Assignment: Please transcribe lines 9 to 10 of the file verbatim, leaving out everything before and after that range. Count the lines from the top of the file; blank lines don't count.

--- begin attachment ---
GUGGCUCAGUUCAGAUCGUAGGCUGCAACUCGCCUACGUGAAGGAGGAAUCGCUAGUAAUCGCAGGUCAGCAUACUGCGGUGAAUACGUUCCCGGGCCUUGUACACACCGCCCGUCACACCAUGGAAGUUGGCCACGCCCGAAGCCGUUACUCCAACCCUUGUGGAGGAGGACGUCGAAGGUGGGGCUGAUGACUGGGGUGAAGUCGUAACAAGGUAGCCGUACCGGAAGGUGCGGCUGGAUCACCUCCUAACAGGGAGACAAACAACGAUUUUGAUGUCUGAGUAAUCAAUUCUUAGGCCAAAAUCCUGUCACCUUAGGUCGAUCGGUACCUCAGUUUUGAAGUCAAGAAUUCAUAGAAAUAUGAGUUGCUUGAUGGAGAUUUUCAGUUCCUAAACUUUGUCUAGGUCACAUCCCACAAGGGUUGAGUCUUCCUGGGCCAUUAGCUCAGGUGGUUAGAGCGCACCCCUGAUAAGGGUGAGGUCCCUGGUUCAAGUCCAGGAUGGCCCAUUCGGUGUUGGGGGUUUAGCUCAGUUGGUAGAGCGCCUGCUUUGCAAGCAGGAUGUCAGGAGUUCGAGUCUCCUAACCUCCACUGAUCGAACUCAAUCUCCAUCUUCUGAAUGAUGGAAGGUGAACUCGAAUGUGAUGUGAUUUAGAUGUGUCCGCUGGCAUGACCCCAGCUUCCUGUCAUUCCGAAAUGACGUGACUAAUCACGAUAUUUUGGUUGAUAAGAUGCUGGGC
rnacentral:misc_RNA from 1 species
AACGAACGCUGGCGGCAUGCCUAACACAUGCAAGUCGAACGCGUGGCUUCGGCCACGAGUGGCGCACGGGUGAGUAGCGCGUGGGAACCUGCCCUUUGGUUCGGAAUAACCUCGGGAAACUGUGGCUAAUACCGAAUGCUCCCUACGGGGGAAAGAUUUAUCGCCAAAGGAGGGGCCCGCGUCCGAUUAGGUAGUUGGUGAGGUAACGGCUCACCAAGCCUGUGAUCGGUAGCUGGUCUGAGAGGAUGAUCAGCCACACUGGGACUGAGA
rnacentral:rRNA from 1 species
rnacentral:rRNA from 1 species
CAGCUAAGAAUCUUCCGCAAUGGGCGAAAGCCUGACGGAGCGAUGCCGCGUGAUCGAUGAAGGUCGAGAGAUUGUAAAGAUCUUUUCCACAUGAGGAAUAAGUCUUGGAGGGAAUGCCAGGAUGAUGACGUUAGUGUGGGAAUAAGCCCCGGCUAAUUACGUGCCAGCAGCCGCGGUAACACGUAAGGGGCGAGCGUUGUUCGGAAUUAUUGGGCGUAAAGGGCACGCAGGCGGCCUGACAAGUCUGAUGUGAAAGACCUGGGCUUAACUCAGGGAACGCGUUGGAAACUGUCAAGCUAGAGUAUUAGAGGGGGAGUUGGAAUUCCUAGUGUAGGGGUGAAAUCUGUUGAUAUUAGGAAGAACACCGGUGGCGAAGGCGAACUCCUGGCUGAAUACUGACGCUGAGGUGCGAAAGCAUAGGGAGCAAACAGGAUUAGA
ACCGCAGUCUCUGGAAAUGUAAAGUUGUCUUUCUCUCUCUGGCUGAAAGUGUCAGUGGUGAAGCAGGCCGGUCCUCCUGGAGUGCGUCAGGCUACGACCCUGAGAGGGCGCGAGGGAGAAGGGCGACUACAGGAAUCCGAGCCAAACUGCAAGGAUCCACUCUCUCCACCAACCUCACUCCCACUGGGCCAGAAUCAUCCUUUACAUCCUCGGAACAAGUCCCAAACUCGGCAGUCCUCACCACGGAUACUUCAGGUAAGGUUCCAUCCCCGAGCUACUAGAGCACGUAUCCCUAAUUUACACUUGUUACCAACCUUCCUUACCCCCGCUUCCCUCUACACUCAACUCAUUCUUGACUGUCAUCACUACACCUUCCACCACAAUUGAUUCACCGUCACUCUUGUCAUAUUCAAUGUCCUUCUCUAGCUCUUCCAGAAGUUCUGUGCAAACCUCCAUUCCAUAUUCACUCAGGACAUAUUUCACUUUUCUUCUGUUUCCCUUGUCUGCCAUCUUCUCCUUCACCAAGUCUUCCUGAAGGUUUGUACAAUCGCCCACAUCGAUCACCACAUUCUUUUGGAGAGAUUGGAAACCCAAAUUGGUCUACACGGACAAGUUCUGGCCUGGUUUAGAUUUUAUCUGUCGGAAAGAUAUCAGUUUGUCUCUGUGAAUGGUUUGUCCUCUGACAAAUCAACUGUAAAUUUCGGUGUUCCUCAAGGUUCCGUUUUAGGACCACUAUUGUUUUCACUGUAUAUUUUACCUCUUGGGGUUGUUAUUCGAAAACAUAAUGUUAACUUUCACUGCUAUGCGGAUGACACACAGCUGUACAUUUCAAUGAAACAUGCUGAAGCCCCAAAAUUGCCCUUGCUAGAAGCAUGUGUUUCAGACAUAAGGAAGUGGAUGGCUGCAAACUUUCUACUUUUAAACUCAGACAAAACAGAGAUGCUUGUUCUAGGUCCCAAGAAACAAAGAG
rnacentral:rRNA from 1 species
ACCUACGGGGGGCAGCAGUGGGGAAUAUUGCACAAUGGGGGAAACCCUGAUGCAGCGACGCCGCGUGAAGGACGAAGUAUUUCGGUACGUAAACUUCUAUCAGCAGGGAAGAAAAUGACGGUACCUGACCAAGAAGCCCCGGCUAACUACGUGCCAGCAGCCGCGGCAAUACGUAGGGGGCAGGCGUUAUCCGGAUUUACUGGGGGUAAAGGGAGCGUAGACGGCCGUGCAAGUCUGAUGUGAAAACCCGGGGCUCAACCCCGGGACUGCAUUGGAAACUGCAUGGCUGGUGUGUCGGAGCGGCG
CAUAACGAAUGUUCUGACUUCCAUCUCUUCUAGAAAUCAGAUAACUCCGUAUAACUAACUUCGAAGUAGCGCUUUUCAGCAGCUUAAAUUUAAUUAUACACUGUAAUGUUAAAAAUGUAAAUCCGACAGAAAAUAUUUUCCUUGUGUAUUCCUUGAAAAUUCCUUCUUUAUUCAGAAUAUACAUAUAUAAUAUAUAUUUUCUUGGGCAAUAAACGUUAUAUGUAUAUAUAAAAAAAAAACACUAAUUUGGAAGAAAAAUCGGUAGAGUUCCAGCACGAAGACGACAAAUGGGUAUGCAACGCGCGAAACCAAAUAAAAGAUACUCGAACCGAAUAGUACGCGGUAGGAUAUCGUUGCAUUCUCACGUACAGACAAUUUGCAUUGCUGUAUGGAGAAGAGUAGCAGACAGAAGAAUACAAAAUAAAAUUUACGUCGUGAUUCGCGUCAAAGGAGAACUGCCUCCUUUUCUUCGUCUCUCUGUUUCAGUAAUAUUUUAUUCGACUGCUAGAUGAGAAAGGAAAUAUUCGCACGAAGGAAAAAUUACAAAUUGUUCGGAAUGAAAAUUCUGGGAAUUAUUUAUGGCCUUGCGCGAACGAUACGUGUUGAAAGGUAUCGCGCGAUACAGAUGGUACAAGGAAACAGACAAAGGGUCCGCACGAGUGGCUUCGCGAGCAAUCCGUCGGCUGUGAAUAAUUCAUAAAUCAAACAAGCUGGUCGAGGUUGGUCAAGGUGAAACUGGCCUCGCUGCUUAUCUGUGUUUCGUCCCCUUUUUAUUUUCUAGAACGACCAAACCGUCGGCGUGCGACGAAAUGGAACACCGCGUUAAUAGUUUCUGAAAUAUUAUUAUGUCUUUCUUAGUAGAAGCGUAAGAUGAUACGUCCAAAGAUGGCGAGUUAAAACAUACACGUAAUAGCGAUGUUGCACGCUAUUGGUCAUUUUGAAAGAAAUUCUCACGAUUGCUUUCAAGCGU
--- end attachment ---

ACCUACGGGGGGCAGCAGUGGGGAAUAUUGCACAAUGGGGGAAACCCUGAUGCAGCGACGCCGCGUGAAGGACGAAGUAUUUCGGUACGUAAACUUCUAUCAGCAGGGAAGAAAAUGACGGUACCUGACCAAGAAGCCCCGGCUAACUACGUGCCAGCAGCCGCGGCAAUACGUAGGGGGCAGGCGUUAUCCGGAUUUACUGGGGGUAAAGGGAGCGUAGACGGCCGUGCAAGUCUGAUGUGAAAACCCGGGGCUCAACCCCGGGACUGCAUUGGAAACUGCAUGGCUGGUGUGUCGGAGCGGCG
CAUAACGAAUGUUCUGACUUCCAUCUCUUCUAGAAAUCAGAUAACUCCGUAUAACUAACUUCGAAGUAGCGCUUUUCAGCAGCUUAAAUUUAAUUAUACACUGUAAUGUUAAAAAUGUAAAUCCGACAGAAAAUAUUUUCCUUGUGUAUUCCUUGAAAAUUCCUUCUUUAUUCAGAAUAUACAUAUAUAAUAUAUAUUUUCUUGGGCAAUAAACGUUAUAUGUAUAUAUAAAAAAAAAACACUAAUUUGGAAGAAAAAUCGGUAGAGUUCCAGCACGAAGACGACAAAUGGGUAUGCAACGCGCGAAACCAAAUAAAAGAUACUCGAACCGAAUAGUACGCGGUAGGAUAUCGUUGCAUUCUCACGUACAGACAAUUUGCAUUGCUGUAUGGAGAAGAGUAGCAGACAGAAGAAUACAAAAUAAAAUUUACGUCGUGAUUCGCGUCAAAGGAGAACUGCCUCCUUUUCUUCGUCUCUCUGUUUCAGUAAUAUUUUAUUCGACUGCUAGAUGAGAAAGGAAAUAUUCGCACGAAGGAAAAAUUACAAAUUGUUCGGAAUGAAAAUUCUGGGAAUUAUUUAUGGCCUUGCGCGAACGAUACGUGUUGAAAGGUAUCGCGCGAUACAGAUGGUACAAGGAAACAGACAAAGGGUCCGCACGAGUGGCUUCGCGAGCAAUCCGUCGGCUGUGAAUAAUUCAUAAAUCAAACAAGCUGGUCGAGGUUGGUCAAGGUGAAACUGGCCUCGCUGCUUAUCUGUGUUUCGUCCCCUUUUUAUUUUCUAGAACGACCAAACCGUCGGCGUGCGACGAAAUGGAACACCGCGUUAAUAGUUUCUGAAAUAUUAUUAUGUCUUUCUUAGUAGAAGCGUAAGAUGAUACGUCCAAAGAUGGCGAGUUAAAACAUACACGUAAUAGCGAUGUUGCACGCUAUUGGUCAUUUUGAAAGAAAUUCUCACGAUUGCUUUCAAGCGU